Mobile payment solution? It’s the new black
With the stratospheric growth in smartphone ownership in Australia and all around the world, it’s no surprise that technology for mobile payments is becoming big business, and for very good reason.
For a number of industries, the ability to make and accept payments via the ubiquitous smartphone is seen as a bit of a holy grail. If you’re paying attention to the tech startup scene, the sheer number of new players emerging each week in the mobile payments space is truly staggering.
With a recent survey suggesting that the vast majority of smartphone users would rather lose their wallet than their phone, it’s no surprise that major banks are investing serious resources into making the entire banking experience much more mobile-friendly.
Mobile payment revolution
Square, PayPal and (more recently) MYOB are some of the companies offering relatively low cost solutions to help small businesses get in on the act and start accepting mobile payments.
By downloading an app and attaching a card reader, users have the ability to turn their smartphone into a payment terminal. They can accept payments on the go from a credit card or directly from a customer’s mobile phone, reducing reliance on slow, cumbersome technology and improving the overall speed and customer experience.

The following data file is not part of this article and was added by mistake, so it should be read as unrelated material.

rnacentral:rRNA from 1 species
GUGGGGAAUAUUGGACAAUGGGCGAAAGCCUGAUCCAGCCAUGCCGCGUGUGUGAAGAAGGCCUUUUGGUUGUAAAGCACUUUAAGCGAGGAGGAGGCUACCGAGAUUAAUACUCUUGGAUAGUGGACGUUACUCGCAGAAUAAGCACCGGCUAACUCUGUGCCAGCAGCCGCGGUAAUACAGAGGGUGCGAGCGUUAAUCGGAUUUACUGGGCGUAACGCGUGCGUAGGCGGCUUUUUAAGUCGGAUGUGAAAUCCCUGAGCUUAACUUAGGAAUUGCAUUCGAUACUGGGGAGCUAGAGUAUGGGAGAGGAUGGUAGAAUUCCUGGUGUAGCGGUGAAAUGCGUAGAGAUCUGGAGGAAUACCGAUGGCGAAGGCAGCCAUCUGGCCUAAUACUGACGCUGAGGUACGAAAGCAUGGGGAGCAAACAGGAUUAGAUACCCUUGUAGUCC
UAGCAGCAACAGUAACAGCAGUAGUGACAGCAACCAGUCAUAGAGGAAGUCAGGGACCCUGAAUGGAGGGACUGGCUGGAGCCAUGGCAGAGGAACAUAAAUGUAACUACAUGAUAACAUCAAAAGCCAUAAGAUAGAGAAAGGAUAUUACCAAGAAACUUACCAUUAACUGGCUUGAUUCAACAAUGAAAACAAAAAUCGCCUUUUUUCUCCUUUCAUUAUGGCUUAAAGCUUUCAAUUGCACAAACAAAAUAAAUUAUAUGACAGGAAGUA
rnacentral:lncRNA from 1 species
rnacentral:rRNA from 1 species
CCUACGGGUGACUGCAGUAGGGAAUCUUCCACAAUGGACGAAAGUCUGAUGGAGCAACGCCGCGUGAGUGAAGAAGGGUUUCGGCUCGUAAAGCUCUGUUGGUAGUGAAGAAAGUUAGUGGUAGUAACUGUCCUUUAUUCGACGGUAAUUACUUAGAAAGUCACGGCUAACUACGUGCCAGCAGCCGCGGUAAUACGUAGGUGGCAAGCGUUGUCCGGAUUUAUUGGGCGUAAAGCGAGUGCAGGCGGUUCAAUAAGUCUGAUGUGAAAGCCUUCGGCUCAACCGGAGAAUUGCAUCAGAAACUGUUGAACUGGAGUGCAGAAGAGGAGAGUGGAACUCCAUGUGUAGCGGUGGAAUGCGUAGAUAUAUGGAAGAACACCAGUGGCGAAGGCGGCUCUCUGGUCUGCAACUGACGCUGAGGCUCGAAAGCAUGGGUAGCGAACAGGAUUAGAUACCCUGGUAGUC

The flexibility this affords businesses, particularly those that operate remotely, is a real game changer — meaning that pop-up shops and night markets can easily offer alternative forms of payment that can be even cheaper than a traditional credit card facility. The convenience and novelty alone, not to mention the low cost of entry, is reason enough for most businesses that take over-the-counter payment to give it a go.
But beyond the transaction itself, mobile payments also allows for integration with other functions of a smartphones, such as loyalty and rewards, doing away with the need to carry plastic loyalty cards and having to remember to claim your purchases. Implemented correctly, this can lead to a huge increase in customer loyalty. Starbucks, by far the gold standard in this space, attributes 14% of all transactions to mobile, which is staggering.
The signs are definitely there that consumers are becoming more and more comfortable with shopping with their phone. While security has historically been a concern and a barrier to transacting online, this is no different to where online shopping was a decade ago.
However, with the way smartphones have become an essential part of our lives, it’s apparent that mobile payments will be the norm sooner rather than later. And, with Apple only offering mere hints at their mobile payments strategy — which should make mobile payments even easier for iPhone users — you can be sure we are only at the tip of the iceberg.